If we had all the money in the world we wouldn’t need Ayushman Bharat - people could afford their own medical care, someone stated recently on social media. It narrated a collective agony so succinctly. This medical insurance scheme holds huge significance perhaps for this very reason for public at large, especially in Bharat (the rural India), writes Sandeep Datta of Elets News Network (ENN).
Popularly described as Ayushman Bharat, the Pradhan Mantri Jan Arogya Yojna (PMJAY), is Prime Minister Narendra Modi’s signature medical insurance scheme. It is reportedly set to be rolled out across the nation on September 23, two days ahead of the birth anniversary of Rashtriya Swayamsewak Sangh (RSS) ideologue Pandit Deen Dayal Upadhayaya.
A look at the way the Government machinery is promoting the universal healthcare scheme -- Ayushman Bharat, indicates there is a strong desire of Narendra Modi Government to ensure a sea change in terms of transforming the country’s healthcare scenario for all.
The scheme reflects determination to provide succour to the poorest of the poor and the middle-class in terms of healthcare.
For many political pundits, the Ayushman Bharat may be a major move timed just ahead of the parliamentary and State assembly polls. For satirists, it may be just another political gimmick. But for a lot of commoners, it feels something what they longed for in the country.
With this national health protection scheme, the Modi Government aims to cover over 100 million poor and vulnerable families (approximately 50 crore beneficiaries). It will be done by providing an annual coverage of up to 5 lakh rupees per family for secondary and tertiary care hospitalisation. It will subsume the ongoing centrally sponsored schemes - Rashtriya Swasthya Bima Yojana (RSBY) and the Senior Citizen Health Insurance Scheme (SCHIS).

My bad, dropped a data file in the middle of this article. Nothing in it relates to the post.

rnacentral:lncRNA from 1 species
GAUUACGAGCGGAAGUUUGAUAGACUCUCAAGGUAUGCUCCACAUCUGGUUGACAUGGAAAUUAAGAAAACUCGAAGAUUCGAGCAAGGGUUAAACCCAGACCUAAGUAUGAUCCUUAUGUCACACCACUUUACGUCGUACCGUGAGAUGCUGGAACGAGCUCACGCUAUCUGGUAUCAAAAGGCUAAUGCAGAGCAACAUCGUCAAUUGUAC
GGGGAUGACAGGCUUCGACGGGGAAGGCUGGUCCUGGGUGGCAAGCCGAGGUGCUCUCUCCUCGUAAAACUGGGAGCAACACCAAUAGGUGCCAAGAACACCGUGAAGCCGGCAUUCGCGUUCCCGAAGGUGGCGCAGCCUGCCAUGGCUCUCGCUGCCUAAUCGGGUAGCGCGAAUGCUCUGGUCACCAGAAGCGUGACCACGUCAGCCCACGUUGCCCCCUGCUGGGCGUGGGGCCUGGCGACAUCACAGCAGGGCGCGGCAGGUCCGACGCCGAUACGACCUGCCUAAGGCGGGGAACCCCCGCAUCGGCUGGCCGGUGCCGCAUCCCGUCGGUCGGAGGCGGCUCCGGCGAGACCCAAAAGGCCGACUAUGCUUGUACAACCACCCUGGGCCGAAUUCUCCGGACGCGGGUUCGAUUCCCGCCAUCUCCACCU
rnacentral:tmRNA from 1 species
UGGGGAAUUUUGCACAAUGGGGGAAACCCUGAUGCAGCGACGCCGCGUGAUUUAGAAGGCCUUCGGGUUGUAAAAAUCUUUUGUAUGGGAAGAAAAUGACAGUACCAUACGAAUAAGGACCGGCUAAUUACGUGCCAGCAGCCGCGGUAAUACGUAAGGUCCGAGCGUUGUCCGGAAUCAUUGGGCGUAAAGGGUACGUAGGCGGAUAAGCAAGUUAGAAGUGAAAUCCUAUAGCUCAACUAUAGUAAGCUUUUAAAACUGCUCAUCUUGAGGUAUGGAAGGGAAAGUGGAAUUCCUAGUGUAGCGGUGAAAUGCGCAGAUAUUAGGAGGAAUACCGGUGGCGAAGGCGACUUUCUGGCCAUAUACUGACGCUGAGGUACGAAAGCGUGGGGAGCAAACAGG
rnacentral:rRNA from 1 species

Billed as the world’s biggest public healthcare programme, Ayushman Bharat, or the National Health Protection Mission (AB-NHPM), was announced in the 2018-19 Budget and approved by the Cabinet in March. It is widely expected to vault over all other social welfare projects of the BJP-led National Democratic Alliance government, like Swachh Bharat, free LPG connections to the poorest families, electricity to all homes, and Jan Dhan bank accounts.
THE FLIP SIDE
A section of the society opines Ayushman Bharat is very much required for people living in villages, towns, cities and States across India but not that much in South India. It is so because various healthcare schemes have been already existing and benefitting people in the South for a long time.
While appreciating the scheme, a section of the society looks at it with questioning eyes in terms of implementation challenges, that are to determine its success or failure.
Another section of society feels the Government must think of providing coverage for crop insurance and medical coverage reciprocal to land holding by increasing the annual land rent which will take care of farmers’ maladies.
Some others stress upon the absence of medicare scheme for the elderly retired people, as they simply cannot afford any costly medical insurance scheme as it is present with the insurance companies.
CAN SOUTH INDIA INSPIRE?
A look at the existing healthcare infrastructure and plethora of ongoing projects in various parts of the southern States, one can derive some inspiration about how much comprehensively these are expected to ensure healthcare for all.
Andhra Pradesh is one such example from South India. To develop a healthy State, the Nara Chandrababu Naidu-led TDP government has undertaken a slew of measures. These initiatives seek to offer quality medical facilities that are accessible and cost effective as well for all segments of society.
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